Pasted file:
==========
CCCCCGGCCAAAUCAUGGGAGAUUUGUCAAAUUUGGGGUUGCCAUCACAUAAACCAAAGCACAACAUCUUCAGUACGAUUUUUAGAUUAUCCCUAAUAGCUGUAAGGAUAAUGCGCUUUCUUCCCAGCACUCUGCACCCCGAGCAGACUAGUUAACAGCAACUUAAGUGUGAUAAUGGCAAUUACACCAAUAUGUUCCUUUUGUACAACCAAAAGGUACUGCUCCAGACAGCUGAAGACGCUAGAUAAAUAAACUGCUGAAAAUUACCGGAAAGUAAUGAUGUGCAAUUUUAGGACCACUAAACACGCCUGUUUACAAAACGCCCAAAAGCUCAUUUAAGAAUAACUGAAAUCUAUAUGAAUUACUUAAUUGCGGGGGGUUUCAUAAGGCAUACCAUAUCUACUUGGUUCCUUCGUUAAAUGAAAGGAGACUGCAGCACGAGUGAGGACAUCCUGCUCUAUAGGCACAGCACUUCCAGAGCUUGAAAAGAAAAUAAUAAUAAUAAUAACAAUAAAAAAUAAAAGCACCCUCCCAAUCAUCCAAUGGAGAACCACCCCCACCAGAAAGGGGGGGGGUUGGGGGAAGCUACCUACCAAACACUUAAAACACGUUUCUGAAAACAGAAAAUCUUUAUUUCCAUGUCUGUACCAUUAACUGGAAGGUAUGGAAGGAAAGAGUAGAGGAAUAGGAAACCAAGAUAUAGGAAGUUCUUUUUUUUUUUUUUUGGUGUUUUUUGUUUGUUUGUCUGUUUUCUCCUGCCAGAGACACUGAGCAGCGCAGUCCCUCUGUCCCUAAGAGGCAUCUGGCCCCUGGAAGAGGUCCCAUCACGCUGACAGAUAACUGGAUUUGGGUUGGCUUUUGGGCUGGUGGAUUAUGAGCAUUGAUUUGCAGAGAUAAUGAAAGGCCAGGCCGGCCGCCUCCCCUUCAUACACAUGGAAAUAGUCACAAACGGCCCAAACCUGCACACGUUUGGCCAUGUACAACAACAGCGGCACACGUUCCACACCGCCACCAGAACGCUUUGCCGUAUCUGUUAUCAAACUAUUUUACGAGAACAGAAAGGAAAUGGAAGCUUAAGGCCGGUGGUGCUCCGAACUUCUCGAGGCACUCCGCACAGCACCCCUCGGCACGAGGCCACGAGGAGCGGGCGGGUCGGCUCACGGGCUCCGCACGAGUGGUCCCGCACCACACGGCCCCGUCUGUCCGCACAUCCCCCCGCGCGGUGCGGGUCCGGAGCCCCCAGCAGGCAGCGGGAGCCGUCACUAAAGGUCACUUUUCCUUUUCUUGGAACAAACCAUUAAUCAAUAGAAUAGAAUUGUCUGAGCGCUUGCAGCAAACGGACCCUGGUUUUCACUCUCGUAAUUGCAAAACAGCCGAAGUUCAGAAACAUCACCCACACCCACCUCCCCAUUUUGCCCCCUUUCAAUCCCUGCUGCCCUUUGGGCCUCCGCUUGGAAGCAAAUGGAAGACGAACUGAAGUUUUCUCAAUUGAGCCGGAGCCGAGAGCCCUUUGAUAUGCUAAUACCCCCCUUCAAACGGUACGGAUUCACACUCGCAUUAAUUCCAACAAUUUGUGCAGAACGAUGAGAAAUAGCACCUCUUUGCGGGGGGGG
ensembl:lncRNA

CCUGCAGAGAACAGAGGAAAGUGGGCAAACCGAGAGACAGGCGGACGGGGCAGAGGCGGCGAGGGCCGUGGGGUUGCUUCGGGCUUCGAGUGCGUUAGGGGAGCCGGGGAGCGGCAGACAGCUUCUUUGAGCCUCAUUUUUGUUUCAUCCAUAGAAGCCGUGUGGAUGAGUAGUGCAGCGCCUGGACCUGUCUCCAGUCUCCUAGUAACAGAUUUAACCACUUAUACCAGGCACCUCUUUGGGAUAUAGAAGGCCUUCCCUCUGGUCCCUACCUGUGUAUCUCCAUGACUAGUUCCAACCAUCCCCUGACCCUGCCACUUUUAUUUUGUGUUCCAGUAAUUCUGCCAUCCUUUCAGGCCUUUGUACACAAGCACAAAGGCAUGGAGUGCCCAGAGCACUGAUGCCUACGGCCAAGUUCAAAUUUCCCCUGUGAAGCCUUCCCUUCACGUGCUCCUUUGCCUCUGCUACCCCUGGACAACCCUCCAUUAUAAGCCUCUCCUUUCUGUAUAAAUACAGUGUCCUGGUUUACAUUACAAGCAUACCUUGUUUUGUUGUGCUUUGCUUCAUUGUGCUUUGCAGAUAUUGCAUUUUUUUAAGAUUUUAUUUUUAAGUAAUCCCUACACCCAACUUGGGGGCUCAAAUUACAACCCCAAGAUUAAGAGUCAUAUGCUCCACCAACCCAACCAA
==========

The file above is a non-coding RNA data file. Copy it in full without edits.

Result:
CCCCCGGCCAAAUCAUGGGAGAUUUGUCAAAUUUGGGGUUGCCAUCACAUAAACCAAAGCACAACAUCUUCAGUACGAUUUUUAGAUUAUCCCUAAUAGCUGUAAGGAUAAUGCGCUUUCUUCCCAGCACUCUGCACCCCGAGCAGACUAGUUAACAGCAACUUAAGUGUGAUAAUGGCAAUUACACCAAUAUGUUCCUUUUGUACAACCAAAAGGUACUGCUCCAGACAGCUGAAGACGCUAGAUAAAUAAACUGCUGAAAAUUACCGGAAAGUAAUGAUGUGCAAUUUUAGGACCACUAAACACGCCUGUUUACAAAACGCCCAAAAGCUCAUUUAAGAAUAACUGAAAUCUAUAUGAAUUACUUAAUUGCGGGGGGUUUCAUAAGGCAUACCAUAUCUACUUGGUUCCUUCGUUAAAUGAAAGGAGACUGCAGCACGAGUGAGGACAUCCUGCUCUAUAGGCACAGCACUUCCAGAGCUUGAAAAGAAAAUAAUAAUAAUAAUAACAAUAAAAAAUAAAAGCACCCUCCCAAUCAUCCAAUGGAGAACCACCCCCACCAGAAAGGGGGGGGGUUGGGGGAAGCUACCUACCAAACACUUAAAACACGUUUCUGAAAACAGAAAAUCUUUAUUUCCAUGUCUGUACCAUUAACUGGAAGGUAUGGAAGGAAAGAGUAGAGGAAUAGGAAACCAAGAUAUAGGAAGUUCUUUUUUUUUUUUUUUGGUGUUUUUUGUUUGUUUGUCUGUUUUCUCCUGCCAGAGACACUGAGCAGCGCAGUCCCUCUGUCCCUAAGAGGCAUCUGGCCCCUGGAAGAGGUCCCAUCACGCUGACAGAUAACUGGAUUUGGGUUGGCUUUUGGGCUGGUGGAUUAUGAGCAUUGAUUUGCAGAGAUAAUGAAAGGCCAGGCCGGCCGCCUCCCCUUCAUACACAUGGAAAUAGUCACAAACGGCCCAAACCUGCACACGUUUGGCCAUGUACAACAACAGCGGCACACGUUCCACACCGCCACCAGAACGCUUUGCCGUAUCUGUUAUCAAACUAUUUUACGAGAACAGAAAGGAAAUGGAAGCUUAAGGCCGGUGGUGCUCCGAACUUCUCGAGGCACUCCGCACAGCACCCCUCGGCACGAGGCCACGAGGAGCGGGCGGGUCGGCUCACGGGCUCCGCACGAGUGGUCCCGCACCACACGGCCCCGUCUGUCCGCACAUCCCCCCGCGCGGUGCGGGUCCGGAGCCCCCAGCAGGCAGCGGGAGCCGUCACUAAAGGUCACUUUUCCUUUUCUUGGAACAAACCAUUAAUCAAUAGAAUAGAAUUGUCUGAGCGCUUGCAGCAAACGGACCCUGGUUUUCACUCUCGUAAUUGCAAAACAGCCGAAGUUCAGAAACAUCACCCACACCCACCUCCCCAUUUUGCCCCCUUUCAAUCCCUGCUGCCCUUUGGGCCUCCGCUUGGAAGCAAAUGGAAGACGAACUGAAGUUUUCUCAAUUGAGCCGGAGCCGAGAGCCCUUUGAUAUGCUAAUACCCCCCUUCAAACGGUACGGAUUCACACUCGCAUUAAUUCCAACAAUUUGUGCAGAACGAUGAGAAAUAGCACCUCUUUGCGGGGGGGG
ensembl:lncRNA

CCUGCAGAGAACAGAGGAAAGUGGGCAAACCGAGAGACAGGCGGACGGGGCAGAGGCGGCGAGGGCCGUGGGGUUGCUUCGGGCUUCGAGUGCGUUAGGGGAGCCGGGGAGCGGCAGACAGCUUCUUUGAGCCUCAUUUUUGUUUCAUCCAUAGAAGCCGUGUGGAUGAGUAGUGCAGCGCCUGGACCUGUCUCCAGUCUCCUAGUAACAGAUUUAACCACUUAUACCAGGCACCUCUUUGGGAUAUAGAAGGCCUUCCCUCUGGUCCCUACCUGUGUAUCUCCAUGACUAGUUCCAACCAUCCCCUGACCCUGCCACUUUUAUUUUGUGUUCCAGUAAUUCUGCCAUCCUUUCAGGCCUUUGUACACAAGCACAAAGGCAUGGAGUGCCCAGAGCACUGAUGCCUACGGCCAAGUUCAAAUUUCCCCUGUGAAGCCUUCCCUUCACGUGCUCCUUUGCCUCUGCUACCCCUGGACAACCCUCCAUUAUAAGCCUCUCCUUUCUGUAUAAAUACAGUGUCCUGGUUUACAUUACAAGCAUACCUUGUUUUGUUGUGCUUUGCUUCAUUGUGCUUUGCAGAUAUUGCAUUUUUUUAAGAUUUUAUUUUUAAGUAAUCCCUACACCCAACUUGGGGGCUCAAAUUACAACCCCAAGAUUAAGAGUCAUAUGCUCCACCAACCCAACCAA